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updated: 5/3/2012 5:00 PM

Kane County committee says yes to cameras in courts

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  • Robert Spence

      Robert Spence

 
 

A new era could be coming for Kane County after a committee Thursday recommended the 16th Judicial Circuit apply to participate in a trial program to allow cameras in courtrooms.

"Our next big step is how do we make this thing work so it's fair and proper," said Kendall County Judge Timothy McCann, the committee chair. "I do think there's a fair amount of belief that this program is going to be good for the state of Illinois, good for the 16th Circuit, and good for the people."

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The state's Supreme Court earlier this year authorized cameras and other electronic recording devices for courtrooms on an experimental, circuit-by-circuit basis.

Robert Spence, chief judge of the 16th Judicial Circuit, which includes Kane, Kendall and DeKalb counties, appointed a committee of judges, prosecutors, defense attorneys and other lawyers to study the issue. The committee announced that its recommendation was to move forward to apply for cameras in the courtroom.

In a prepared statement, Spence said the committee would continue to work on a detailed set of rules to be sent to the Supreme Court for approval.

No timetable is available as to when cameras could first be used in 16th Circuit courtrooms.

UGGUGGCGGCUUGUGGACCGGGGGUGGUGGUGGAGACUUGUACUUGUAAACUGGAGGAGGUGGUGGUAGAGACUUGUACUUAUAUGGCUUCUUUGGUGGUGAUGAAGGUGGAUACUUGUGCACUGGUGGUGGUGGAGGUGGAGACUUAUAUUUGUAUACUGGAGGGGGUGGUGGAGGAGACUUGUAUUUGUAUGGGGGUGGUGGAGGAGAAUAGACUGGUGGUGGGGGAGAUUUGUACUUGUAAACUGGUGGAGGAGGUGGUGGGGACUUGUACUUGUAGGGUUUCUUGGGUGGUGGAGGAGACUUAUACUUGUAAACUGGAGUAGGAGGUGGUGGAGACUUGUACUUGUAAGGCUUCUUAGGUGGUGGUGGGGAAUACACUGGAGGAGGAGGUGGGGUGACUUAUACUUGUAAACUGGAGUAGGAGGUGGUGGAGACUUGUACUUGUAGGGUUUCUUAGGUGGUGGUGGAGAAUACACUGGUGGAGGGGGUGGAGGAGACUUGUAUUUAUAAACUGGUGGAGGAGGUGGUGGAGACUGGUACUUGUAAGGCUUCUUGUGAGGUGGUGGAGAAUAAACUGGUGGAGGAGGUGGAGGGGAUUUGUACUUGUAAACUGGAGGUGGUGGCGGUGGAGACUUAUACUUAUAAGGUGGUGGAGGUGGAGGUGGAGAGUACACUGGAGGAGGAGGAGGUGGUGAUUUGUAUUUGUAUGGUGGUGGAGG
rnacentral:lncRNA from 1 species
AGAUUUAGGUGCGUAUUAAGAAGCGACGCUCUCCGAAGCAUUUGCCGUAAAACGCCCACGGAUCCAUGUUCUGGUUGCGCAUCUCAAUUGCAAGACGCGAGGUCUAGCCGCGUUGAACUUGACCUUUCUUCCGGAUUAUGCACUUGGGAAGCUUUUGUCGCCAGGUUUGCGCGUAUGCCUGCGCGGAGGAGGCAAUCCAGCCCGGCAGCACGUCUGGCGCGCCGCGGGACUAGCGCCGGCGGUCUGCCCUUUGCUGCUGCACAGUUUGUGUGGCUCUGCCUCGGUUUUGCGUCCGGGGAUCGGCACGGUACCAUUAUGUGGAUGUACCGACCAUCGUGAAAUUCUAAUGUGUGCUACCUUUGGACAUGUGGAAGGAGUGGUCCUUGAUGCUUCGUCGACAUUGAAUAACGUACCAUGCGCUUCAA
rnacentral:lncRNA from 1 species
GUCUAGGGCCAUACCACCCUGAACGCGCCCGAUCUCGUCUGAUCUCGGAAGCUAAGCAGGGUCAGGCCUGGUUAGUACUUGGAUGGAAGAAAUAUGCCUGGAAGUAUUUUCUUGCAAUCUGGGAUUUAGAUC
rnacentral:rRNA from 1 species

"We will need some rather detailed rules concerning the plan's logistics. We want to be thoughtful about it and try to anticipate issues that might arise. The application will be submitted after the local rules are written," Spence said.

"We want to have as detailed a plan as possible, and we have many things to consider, so I anticipate that it will be several months before we are ready to submit this plan to the Supreme Court," he added. "In the end, however, we certainly expect that the news media will have greater access to our courtrooms."

The committee met Wednesday after getting opinions and input from residents and media representatives.

McCann said the committee had consensus to move forward and he personally favored the idea because he believes it eventually will move from being experimental to permanent in Illinois.

The committee will next meet May 29 in Yorkville and McCann hopes to break into smaller groups to tackle specific rules, such as if cameras are going to be mounted or movable. McCann doesn't know how long it will take to draw up rules that will be sent to the Supreme Court for approval but hopes it can be done by the end of the year, if not earlier.

The state's Supreme Court has spelled out numerous guidelines, allowing a maximum of two cameras in a courtroom and forbidding the recording of juries, court recesses and certain types of cases, such as child custody battles and sexual assault.

Joseph Tybor, spokesman for the Illinois Supreme Court, said four circuits are using television cameras: the 14th Circuit near the Quad Cities, the 21st Circuit in Kankakee County, the 15th Circuit in northwest Illinois, and the 3rd Circuit in Madison County.

Chief Justice Thomas Kilbride this week issued an order allowing cameras in the 17th Judicial Circuit, which is comprised of Boone and Winnebago counties in northern Illinois.

Tybor said each of these five circuits submitted applications that did not have local rules drawn up, and they were approved within two to four weeks.

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